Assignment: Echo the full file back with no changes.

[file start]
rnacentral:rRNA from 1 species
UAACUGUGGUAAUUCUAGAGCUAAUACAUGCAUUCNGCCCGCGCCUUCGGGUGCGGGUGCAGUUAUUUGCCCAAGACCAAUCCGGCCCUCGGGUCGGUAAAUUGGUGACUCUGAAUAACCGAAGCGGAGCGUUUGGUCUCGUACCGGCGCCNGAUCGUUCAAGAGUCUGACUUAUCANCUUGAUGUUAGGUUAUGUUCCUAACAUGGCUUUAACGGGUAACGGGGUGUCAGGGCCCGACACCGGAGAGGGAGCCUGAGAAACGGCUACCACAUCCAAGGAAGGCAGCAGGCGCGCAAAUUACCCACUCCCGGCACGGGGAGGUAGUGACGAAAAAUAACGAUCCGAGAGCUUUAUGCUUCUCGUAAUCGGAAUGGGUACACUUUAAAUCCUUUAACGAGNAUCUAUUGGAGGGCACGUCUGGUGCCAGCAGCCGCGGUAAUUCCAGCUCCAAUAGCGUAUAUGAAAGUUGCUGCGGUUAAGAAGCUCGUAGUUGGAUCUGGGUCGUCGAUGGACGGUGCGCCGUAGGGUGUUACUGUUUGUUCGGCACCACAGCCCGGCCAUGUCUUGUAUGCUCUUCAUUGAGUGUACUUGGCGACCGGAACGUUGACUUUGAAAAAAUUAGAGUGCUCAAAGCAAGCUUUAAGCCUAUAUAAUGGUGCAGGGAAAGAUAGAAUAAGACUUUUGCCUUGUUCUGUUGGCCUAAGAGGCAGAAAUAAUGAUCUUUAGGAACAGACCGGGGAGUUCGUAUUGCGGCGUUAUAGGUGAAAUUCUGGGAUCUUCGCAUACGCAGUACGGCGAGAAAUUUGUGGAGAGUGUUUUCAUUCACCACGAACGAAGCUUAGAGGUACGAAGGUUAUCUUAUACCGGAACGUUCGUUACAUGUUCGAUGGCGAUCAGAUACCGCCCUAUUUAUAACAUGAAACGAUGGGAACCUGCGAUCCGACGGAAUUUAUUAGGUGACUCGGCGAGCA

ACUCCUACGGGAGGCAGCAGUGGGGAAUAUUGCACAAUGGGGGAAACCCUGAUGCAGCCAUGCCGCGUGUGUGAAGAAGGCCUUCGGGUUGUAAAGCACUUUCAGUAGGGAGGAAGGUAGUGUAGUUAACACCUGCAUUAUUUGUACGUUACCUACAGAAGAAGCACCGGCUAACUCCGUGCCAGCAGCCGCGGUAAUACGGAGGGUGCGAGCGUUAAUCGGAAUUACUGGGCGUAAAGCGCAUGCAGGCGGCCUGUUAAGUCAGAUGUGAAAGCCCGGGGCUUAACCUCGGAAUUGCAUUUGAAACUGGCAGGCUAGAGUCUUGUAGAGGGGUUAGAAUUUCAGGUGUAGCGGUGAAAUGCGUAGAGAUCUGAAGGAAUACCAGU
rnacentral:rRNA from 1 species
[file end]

rnacentral:rRNA from 1 species
UAACUGUGGUAAUUCUAGAGCUAAUACAUGCAUUCNGCCCGCGCCUUCGGGUGCGGGUGCAGUUAUUUGCCCAAGACCAAUCCGGCCCUCGGGUCGGUAAAUUGGUGACUCUGAAUAACCGAAGCGGAGCGUUUGGUCUCGUACCGGCGCCNGAUCGUUCAAGAGUCUGACUUAUCANCUUGAUGUUAGGUUAUGUUCCUAACAUGGCUUUAACGGGUAACGGGGUGUCAGGGCCCGACACCGGAGAGGGAGCCUGAGAAACGGCUACCACAUCCAAGGAAGGCAGCAGGCGCGCAAAUUACCCACUCCCGGCACGGGGAGGUAGUGACGAAAAAUAACGAUCCGAGAGCUUUAUGCUUCUCGUAAUCGGAAUGGGUACACUUUAAAUCCUUUAACGAGNAUCUAUUGGAGGGCACGUCUGGUGCCAGCAGCCGCGGUAAUUCCAGCUCCAAUAGCGUAUAUGAAAGUUGCUGCGGUUAAGAAGCUCGUAGUUGGAUCUGGGUCGUCGAUGGACGGUGCGCCGUAGGGUGUUACUGUUUGUUCGGCACCACAGCCCGGCCAUGUCUUGUAUGCUCUUCAUUGAGUGUACUUGGCGACCGGAACGUUGACUUUGAAAAAAUUAGAGUGCUCAAAGCAAGCUUUAAGCCUAUAUAAUGGUGCAGGGAAAGAUAGAAUAAGACUUUUGCCUUGUUCUGUUGGCCUAAGAGGCAGAAAUAAUGAUCUUUAGGAACAGACCGGGGAGUUCGUAUUGCGGCGUUAUAGGUGAAAUUCUGGGAUCUUCGCAUACGCAGUACGGCGAGAAAUUUGUGGAGAGUGUUUUCAUUCACCACGAACGAAGCUUAGAGGUACGAAGGUUAUCUUAUACCGGAACGUUCGUUACAUGUUCGAUGGCGAUCAGAUACCGCCCUAUUUAUAACAUGAAACGAUGGGAACCUGCGAUCCGACGGAAUUUAUUAGGUGACUCGGCGAGCA

ACUCCUACGGGAGGCAGCAGUGGGGAAUAUUGCACAAUGGGGGAAACCCUGAUGCAGCCAUGCCGCGUGUGUGAAGAAGGCCUUCGGGUUGUAAAGCACUUUCAGUAGGGAGGAAGGUAGUGUAGUUAACACCUGCAUUAUUUGUACGUUACCUACAGAAGAAGCACCGGCUAACUCCGUGCCAGCAGCCGCGGUAAUACGGAGGGUGCGAGCGUUAAUCGGAAUUACUGGGCGUAAAGCGCAUGCAGGCGGCCUGUUAAGUCAGAUGUGAAAGCCCGGGGCUUAACCUCGGAAUUGCAUUUGAAACUGGCAGGCUAGAGUCUUGUAGAGGGGUUAGAAUUUCAGGUGUAGCGGUGAAAUGCGUAGAGAUCUGAAGGAAUACCAGU
rnacentral:rRNA from 1 species